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Most of you have already started shifting stuff to Azure or planning to do so. The majority of the organizations are already embracing the Virtualization technology for their workloads. Almost every IT organization is using custom reference VM images to reduce deployment times and to somehow maintain a baseline.

In this practical guide, I will demonstrate the process of moving your Hyper-V, Windows (Guest OS) reference images to Azure in order to be used with your future IaaS VM deployments.

There are two ways of creating a Managed Image.

  • From unmanaged disks: Most suitable for scenarios like this one.
  • From a captured Azure VM: For scenarios in which a VM is running on Azure and we want this to be used as a reference image for future deployments.

Nevertheless, the outcome will be the same. In this guide, we will demonstrate the way of creating Managed Images from unmanaged disks.

Prepare, Upload, Create. Let’s do this!

Prepare Virtual Hard disks

Before starting the onboarding process of your Hyper-V reference images to Azure, we need to make sure that requirements are met. Have in mind that only the virtual hard disks will be used and not the virtual machine configuration files.

  • VHD, fixed-size file format.
  • OS disk up to 2TB and up to 32TB for data disks.
  • Generalized (Sysprep) with no unattend.xml configured.
  • Gen1 or Gen2.
  • Azure Virtual Machine Agent. If it is not included in the image, make sure you install it on the resultant Azure Virtual Machines.
  • Windows Configurations and Supported OSes.

In case your reference image virtual hard disks are not fixed-sized or not using the VHD file format, we need to convert them first. Just make sure you do have the required free space on the system that you will execute the conversion to accommodate the resultant fixed-sized virtual hard disks.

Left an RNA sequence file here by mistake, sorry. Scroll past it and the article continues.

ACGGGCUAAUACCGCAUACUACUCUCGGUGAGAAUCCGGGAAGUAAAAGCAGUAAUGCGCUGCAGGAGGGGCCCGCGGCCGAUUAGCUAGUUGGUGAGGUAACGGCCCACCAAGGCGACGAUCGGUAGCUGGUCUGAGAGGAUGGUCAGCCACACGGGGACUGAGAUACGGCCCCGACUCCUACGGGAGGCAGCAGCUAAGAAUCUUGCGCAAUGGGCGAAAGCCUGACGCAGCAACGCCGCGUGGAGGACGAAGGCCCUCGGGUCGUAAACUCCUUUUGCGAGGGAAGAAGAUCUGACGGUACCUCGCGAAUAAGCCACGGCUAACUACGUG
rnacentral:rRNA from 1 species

To do so, use the following one-liner.

Upload Virtual Hard disks to a Storage Account

Uploading files and content to an Azure Storage Account is made easy using the graphical tool, Azure Storage Explorer. Use the provided URL to download it and install it if you haven’t done so.

Prior to the operation, an Azure Storage Account is required. This could be either a Block Blob Storage, General Purpose V1 or V2 in an Azure Region that suits your requirements. If not, make sure you provision one using the Portal, CLI or PowerShell.

Open Azure Storage Explorer and connect to the target Azure Subscription where you would like to upload the images.

Create a Blob Container within the storage account. This is where the VHD files will be placed.

Upload the VHD files.

Wait for the upload operation to complete.

Create Managed Images

In the Azure Portal, navigate to Images.

Click the Add button, fill in all the required fields for the new Managed Image.

Location: The location where the Image should be created and maintained. Attention, if the Storage Account where the VHD files are preserved is in a different region then it won’t be possible to be used and as source.

OS Type: This is the OS family of the OS contained in the OS disk. Also affects billing of the resulted VM.

VM Generation: The VM Generation of the reference image.

Storage Blob: The unmanaged disk file that resides within a Storage Account. ATTENTION, once you set the location, the file should not be moved or deleted. If you do so, the chain will be broken.

Storage Type: It’s the SKU preset for the resultant disk of future deployments.

Data disks: In case the refence image contains additional data disks, we can add them here to be used with.

Once the Image is created it will be available within your “collection”. From here you can navigate to it just by clicking on it.

While you are navigating, click on Create button to start deploying Azure IaaS VMs using your newly uploaded reference Image!

Pricing

How much it will cost you to maintain your managed Images on Azure?

Using unmanaged disks: See Storage Accounts pricing. More precisely, you will be billed only for the Storage Account where the VHD files are maintained.

Using managed disks: See Managed Disks pricing. You will be billed for every Managed Image you maintain.

Additional Resources

Thanks for reading!